3) Look for the SEC to do some gloating.
While they will no doubt lose a ton of talent—again–due to this year’s draft, the SEC will be able to brag about having as many as nine players from their conference selected in the first round. I figure Jadeveon Clowney of South Carolina and Auburn’s Greg Robinson go in the first five selections, and Manziel, along with fellow Texas A&M standouts Jake Matthews and Mike Evans, are next to go, with plenty more talent from this conference left for other teams to pick up before the draft’s second round gets underway.

Who do you think will be drafted #1 this year, and where do you think Manziel will end up? Post your opinions in our comments section or send an email to RCNSportsTalk@rcn.com.

 

The SportsTalk Shop: Questions Surrounding DeSean’s Departure

 

OK. I’m going to try my best not to make too big a deal of this issue…for the rest of the year. But you have to admit, the departure of DeSean Jackson, whether you agree with the move or not, has raised a ton of unanswered questions.

The initial release of the Philadelphia Eagles’ most electric player has been debated for several weeks, and there are more pressing on-field issues that this organization, and its fan base, need to start addressing. But before we turn the page—or at least try to, since this topic will resurface if and when the current receivers have a bad game—there are specific questions I still have. For myself and for many football fans in the Delaware County and Lehigh Valley areas, these questions must be answered before we can even think about moving forward–from an emotional standpoint.

Since the Eagles themselves continue to be tight-lipped and refuse to address this issue, here are the questions I’m going to be asking the Eagles’ beat writers when they are our guests on this Thursday’s “RCN Sports Talk” show (live at 6pm).

1) The timing of the release?
Once the initial shock subsided, this was my biggest question. Why now? Why not at the beginning of free agency when you could have explored bringing in another receiver? Why wait until all free agent options are now gone before opening up that spot? And if you weren’t going to do it earlier, why not wait until you get close to the NFL draft? Maybe someone gets desperate, wanting a receiver or looking to maneuver for a different pick, and becomes a willing trade partner so that you get something…anything…for him in return. Since the Eagles didn’t immediately pursue another option, nor have they in the weeks that followed, I’m left to wonder if they really had a plan to replace him at all.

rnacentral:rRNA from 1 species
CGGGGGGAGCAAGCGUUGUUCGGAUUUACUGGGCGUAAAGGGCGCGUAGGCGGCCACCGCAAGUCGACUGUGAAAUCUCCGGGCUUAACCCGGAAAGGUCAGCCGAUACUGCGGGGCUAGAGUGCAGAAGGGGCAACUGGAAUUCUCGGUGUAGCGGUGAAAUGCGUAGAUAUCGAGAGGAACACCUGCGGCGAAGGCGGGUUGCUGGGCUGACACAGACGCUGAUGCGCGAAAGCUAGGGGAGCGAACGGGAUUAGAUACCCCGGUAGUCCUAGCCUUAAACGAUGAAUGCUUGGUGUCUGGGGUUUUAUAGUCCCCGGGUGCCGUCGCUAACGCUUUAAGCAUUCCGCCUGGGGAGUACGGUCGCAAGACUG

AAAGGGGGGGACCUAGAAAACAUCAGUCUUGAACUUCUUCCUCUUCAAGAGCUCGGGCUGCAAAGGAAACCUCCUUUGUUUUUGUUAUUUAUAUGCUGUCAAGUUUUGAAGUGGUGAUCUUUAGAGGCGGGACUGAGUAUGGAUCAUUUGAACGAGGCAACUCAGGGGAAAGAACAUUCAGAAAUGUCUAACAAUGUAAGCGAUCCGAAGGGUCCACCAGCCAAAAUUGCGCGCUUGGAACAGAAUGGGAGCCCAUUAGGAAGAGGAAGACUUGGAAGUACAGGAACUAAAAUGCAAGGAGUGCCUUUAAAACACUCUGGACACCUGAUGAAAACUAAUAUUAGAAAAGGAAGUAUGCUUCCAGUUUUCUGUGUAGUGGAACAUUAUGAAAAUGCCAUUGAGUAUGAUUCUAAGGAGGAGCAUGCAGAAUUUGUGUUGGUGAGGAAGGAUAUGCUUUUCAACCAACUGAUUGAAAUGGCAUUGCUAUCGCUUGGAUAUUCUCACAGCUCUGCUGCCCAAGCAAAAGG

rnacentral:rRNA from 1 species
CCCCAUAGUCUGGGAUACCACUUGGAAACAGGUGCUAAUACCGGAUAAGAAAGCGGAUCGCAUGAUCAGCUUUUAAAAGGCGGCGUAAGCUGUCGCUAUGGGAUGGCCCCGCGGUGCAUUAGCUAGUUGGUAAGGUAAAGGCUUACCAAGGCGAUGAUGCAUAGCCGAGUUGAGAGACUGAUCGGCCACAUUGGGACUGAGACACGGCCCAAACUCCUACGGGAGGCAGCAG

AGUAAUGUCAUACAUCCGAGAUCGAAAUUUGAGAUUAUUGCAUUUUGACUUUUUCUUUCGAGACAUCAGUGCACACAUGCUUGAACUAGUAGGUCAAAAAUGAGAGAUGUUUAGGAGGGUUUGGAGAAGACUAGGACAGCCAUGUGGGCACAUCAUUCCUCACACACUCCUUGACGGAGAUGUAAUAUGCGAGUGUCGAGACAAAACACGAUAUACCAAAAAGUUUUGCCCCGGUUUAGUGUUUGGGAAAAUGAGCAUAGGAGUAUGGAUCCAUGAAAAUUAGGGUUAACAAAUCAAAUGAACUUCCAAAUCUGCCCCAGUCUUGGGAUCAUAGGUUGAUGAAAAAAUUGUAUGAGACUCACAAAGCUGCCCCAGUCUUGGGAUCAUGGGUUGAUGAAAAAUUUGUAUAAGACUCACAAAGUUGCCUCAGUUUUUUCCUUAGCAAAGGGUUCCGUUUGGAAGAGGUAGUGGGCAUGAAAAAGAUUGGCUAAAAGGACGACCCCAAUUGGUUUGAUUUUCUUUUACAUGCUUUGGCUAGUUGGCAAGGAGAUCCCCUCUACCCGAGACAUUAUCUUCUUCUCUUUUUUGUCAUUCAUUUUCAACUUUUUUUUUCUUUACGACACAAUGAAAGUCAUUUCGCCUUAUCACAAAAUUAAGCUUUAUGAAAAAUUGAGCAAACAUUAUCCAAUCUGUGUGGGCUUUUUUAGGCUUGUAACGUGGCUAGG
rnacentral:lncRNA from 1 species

2) Why a release?
I’ve been told by my football contacts that they would not have gotten very much —at the time they released him—in return for Jackson through a trade. A seventh-round pick? A journeyman linebacker who wouldn’t make the team? What would be the point?

My beef is, by releasing him, they left themselves open for the real possibility that any team, including their divisional rivals – Giants, Cowboys and Redskins – could swoop in and pick him up.

Remember the dreadful Cliff Lee deal, in which the Phillies traded Lee to Seattle for three prospects who have yet to taste major league success? At least the Phillies traded him to a team that could not come back to haunt them in their own league. By releasing Jackson and making his salary more flexible for a team to pick him up, they’ve allowed for a team (aka Washington) that can—and will—use Jackson against the Eagles in their two meetings this year. Do you think fans will forget the release if Jackson has a big game against them and keeps them from making the playoffs this year? You’d have a better chance of the national media forgetting the Santa Clause-snowball incident from decades ago. If the Birds only win two games this year, they better hope and pray it’s against the Redskins, if only to avoid a huge public relations nightmare.

3) Is Chip Kelly’s ego really at the heart of the matter?
I would hope that the Birds’ second-year head coach is man enough to realize that you can’t let your personal feelings get in the way of achieving success for your franchise. Times have changed and coaches can’t make whimsical decisions with millions and millions of dollars—including taxpayer-designated money—just because their feelings are hurt. I keep coming back to this question and want to believe that it did not. There are certainly enough allegations to speculate there’s more to the story than anyone is admitting.

However, the fact that Kelly refuses to publicly address this issue , and the fact that a positive response to this question would nicely satisfy the first two queries, continues to make me wonder.

It also helps to know if DeSean’s style of play influenced the Eagles’ decision and if they would like to go in a different direction at his position. If they want to replace Jackson’s pure-speed ability with a big, physical receiver, they might have to trade up for a higher draft pick before next week’s NFL draft in order to get a quality player they may covet.